Traffic diverter on University Avenue bikeway at Stone Avenue. Motorists must turn right from University Avenue onto Stone Avenue. This setup is also known as TOUCAN. Find more information and photos here.
Earlier this month my buddy Jonathan and I spent a week visiting our friend Lauren in Tucson, Arizona, and I was a little surprised by just how bicycle-friendly a town it is. This college town of 520,000 people (roughly one million metro) was recently rated the 9th best city for biking by Bicycling magazine, one notch above Chicago, so I knew it was a good place to pedal. But this city in the Sonoran desert, surrounded by saguaro cactus-covered mountains has more going for it than just cloudless skies and inspiring nearby destinations for road and mountain bike excursions. Central Tucson has a blossoming bike culture and some excellent infrastructure, including a great network of bicycle boulevards, which our city would do well to emulate.
Biking near Gates Pass, west of town
Much of Lauren’s life revolves around bikes. She works as a mechanic, does road and mountain bikes races, coaches a youth team called El Groupo, and volunteers at a weekly women and transgender repair session at BICAS (Bicycle Inter-Community Art & Salvage). BICAS is a full-service community bike shop plus a welding shop and art studio space. It has a unique emphasis on creating artwork inspired by cycling and/or incorporating old bike parts and is largely responsible for Tucson’s ubiquitous bike-related public art.
Mural outside BICAS
The yard at BICAS features bike parking racks made out of old frames, tabletops made from chain rings welded together and a giant saguaro fashion from strips of wheel rim. Artists associated with the center have created murals all over town featuring colorful bike imagery, garbage cans on the hip 4th Avenue retail strip made from inverted forks welded together, and even a beautiful “Bike Church” at Granada Avenue and Davis Street.
Aside from a wonderful bike camping trip in the nearby Catalina Mountains, one of my favorite aspects of the visit was sitting in the sunshine on the railing of Lauren’s second-floor balcony, watching an endless stream of cyclists rolling down the 3rd Street bike boulevard. There were lots of Lycra-clad racer types heading to and from the mountains, but also plenty of students with backpacks heading to class on department store bikes, people carrying groceries or friends on Xtracycles, and families with kids.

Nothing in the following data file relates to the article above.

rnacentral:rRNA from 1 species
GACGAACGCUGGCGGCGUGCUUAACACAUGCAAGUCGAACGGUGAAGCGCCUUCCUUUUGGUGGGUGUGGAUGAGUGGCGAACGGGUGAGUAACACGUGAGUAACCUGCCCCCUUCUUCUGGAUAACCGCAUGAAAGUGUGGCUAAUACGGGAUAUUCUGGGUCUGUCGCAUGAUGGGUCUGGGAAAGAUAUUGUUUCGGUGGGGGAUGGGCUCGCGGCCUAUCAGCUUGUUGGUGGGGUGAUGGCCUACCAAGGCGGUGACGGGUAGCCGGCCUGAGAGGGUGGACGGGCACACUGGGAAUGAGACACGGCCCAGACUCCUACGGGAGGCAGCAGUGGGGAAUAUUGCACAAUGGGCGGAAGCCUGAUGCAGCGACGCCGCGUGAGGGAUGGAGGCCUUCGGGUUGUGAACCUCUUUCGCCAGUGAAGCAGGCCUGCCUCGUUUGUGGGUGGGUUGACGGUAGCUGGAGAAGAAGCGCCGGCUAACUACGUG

In addition to the great weather (except in summer when temperatures regularly top 100 degrees), and the constant advertisements for cycling through public art, it seems to be the infrastructure that makes biking a popular transportation choice for people of various abilities. Michael McKisson, Publisher/Editor of the daily bike blog Tucson Velo, graciously agreed to give Jonathan and me a tour of local bicycle facilities.
Michael points out a smooth strip of pavement installed especially for bicyclists
Michael, who teaches journalism at the University of Arizona, provided some background over coffee at the Epic Café on 4th Avenue, which is currently under construction for a new streetcar line. He says one of the reasons biking is so popular in the Tucson area is the quantity of bikeways, about 700 miles in the metro area, largely due to a well-enforced local ordinance that requires that marked bike lanes or striped paved shoulders be included in all road projects. There are currently about 23 miles of off-street paths, mostly alongside dry riverbeds, on the perimeter of the city and the county government is currently working to create a 55-mile loop.